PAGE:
Affordable Housing in Nashville
Housing costs have skyrocketed in the last 10 years. Nashville’s growth has been fueled by the expansion of high-wage white collar industries, driving up the cost of purchasing a home and renting an apartment.
Changes in industries meant that wages increased only slowly, while housing costs shot up. One recent study said that to rent the median-priced apartment in Nashville, someone would need to make $22 per hour. Buying the median-priced home would require $33 per hour.
Rising costs are pushing many people out of the county. Finding affordable housing is now difficult for teachers, police officers, firefighters, service industry workers, and those on a fixed income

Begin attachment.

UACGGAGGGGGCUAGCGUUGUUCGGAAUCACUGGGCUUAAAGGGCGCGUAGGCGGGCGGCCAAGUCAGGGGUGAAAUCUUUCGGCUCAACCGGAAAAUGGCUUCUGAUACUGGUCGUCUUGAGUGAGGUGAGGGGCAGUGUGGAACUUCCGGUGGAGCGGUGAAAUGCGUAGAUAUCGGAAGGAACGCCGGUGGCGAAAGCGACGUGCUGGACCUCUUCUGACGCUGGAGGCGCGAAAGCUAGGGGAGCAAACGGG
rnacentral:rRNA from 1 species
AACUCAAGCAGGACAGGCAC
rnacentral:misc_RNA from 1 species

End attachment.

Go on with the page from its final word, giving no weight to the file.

Families in Davidson County that spend at least half their income on housing costs
Individuals facing chronic homelessness
Increase in home and rental values from 2010-2019
What should be done?
NOAH’s Affordable Housing Task Force focuses on issues determined by its members including the following:
- Continued support for the Barnes Housing Fund and other funds dedicated to affordable housing developments throughout the county
- The creation of community agreements that ensure the investment in affordable housing projects in addition to new developments like the East Bank
- Protection of seniors and other residents who are vulnerable to rising housing prices and gentrification
About the Affordable Housing Task Force
The NOAH Affordable Housing Task Force (AHTF) includes members of NOAH organizations.
NOAH is concerned about eliminating inequity in the housing market.